We made a day trip to the Eagle City Winery’s open house Sunday. It was about a fifty mile ride west with the Miata Club, tops down of course. On our arrival, they gave us a ticket good for six wine samples and one trip through the hors d’oeuvres buffet. They must have nearly a couple dozen wines, so there was something for all tastes. A band played, people danced, and a good time was had by all.
One of the attractions was a wagon ride through an adjoining rustic park area. Shar and I, along with our friends, took the opportunity for a pleasant ride and the inevitable relaxed conversation. The wagon was pulled by an old tractor, a 1953 John Deere 70, two cylinder, Johnny Popper. I loved that green thing.
There is no mystery about a ’50s era tractor, and in its stark simplicity you can see a beautiful piece of mechanical art. Everything on that machine has an obvious function, and I was struck by the feeling that it might run forever. The first 62 years didn’t seem to have done much damage. On the other hand, there is practically nothing that could have gone wrong that we couldn’t have figured out and repaired, very possibly on the spot. And it made me nostalgic for the days when we could actually, independently, work on, fix… keep up… our own machines.
My first car, in the 1960’s, was a relatively simple machine. It had two carburetors, four spark plugs, a four speed manual transmission, and a notoriously unreliable electrical system. But all of it was assessable to, and fixable by, the owner. If you could keep the carburetors tuned, and I could, anything was possible.
The next car was almost as simple and fixable. I have a vivid memory of lying under our1962 Chevrolet, on a gravel driveway, in blowing snow, removing one part or another for repair. I don’t even remember what needed fixing. It was a pretty constant parade of necessary, but fairly simple, repairs over the years we owned that car. And over the following years we owned a succession of Fords, Chevrolets, Volkswagens, and even a full sized Dodge Van. All of them were owner serviceable.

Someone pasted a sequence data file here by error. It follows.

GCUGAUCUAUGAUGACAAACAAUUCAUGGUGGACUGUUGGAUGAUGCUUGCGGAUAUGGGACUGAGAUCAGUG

In fact, an engine from a Volkswagen Bug was once totally disassembled on our garage floor with all the valves, springs, piston parts, nuts, bolts, and every other piece you can imagine stored in well marked plastic bags. In the end, thanks to my trusty copy of How To Keep Your Volkswagen Alive, it all went back together and kept driving for many more years.
Then, at some point in our fifty year marriage, I realized that finances no longer dictated who had to do my repairs. I could actually pay someone else to do it correctly the first time. Fortunately, that came at about the same time as automobiles that were no longer owner serviceable. If you have to remove the engine to replace a spark plug, I get discouraged. In fact, the last time I looked, our car’s engines were almost entirely encased in plastic shrouds that totally hide the location of any recognizable parts. I might be able to figure things out, but the whole project is truly depressing.
The other side of the equation, of course, is that today’s cars are much more reliable than those our parents might have worked on. Computerized systems mean cars need much less attention than they used to. Our oldest car, the Miata, turns eight this year. Other than changing the oil every 3,000 miles, we have never had to do any kind of repair or maintenance. And that’s kind of nice. While I used to drive around with a box full of tools in the trunk, these days I don’t even bother.
If, when the time came to leave the winery yesterday, the car had refused to start as easily as it always does, we’d have been up a creek. And, when something does inevitably come up, I’ll need to take it to the dealership. Guaranteed.
I really do miss knowing that I could do the work all by myself.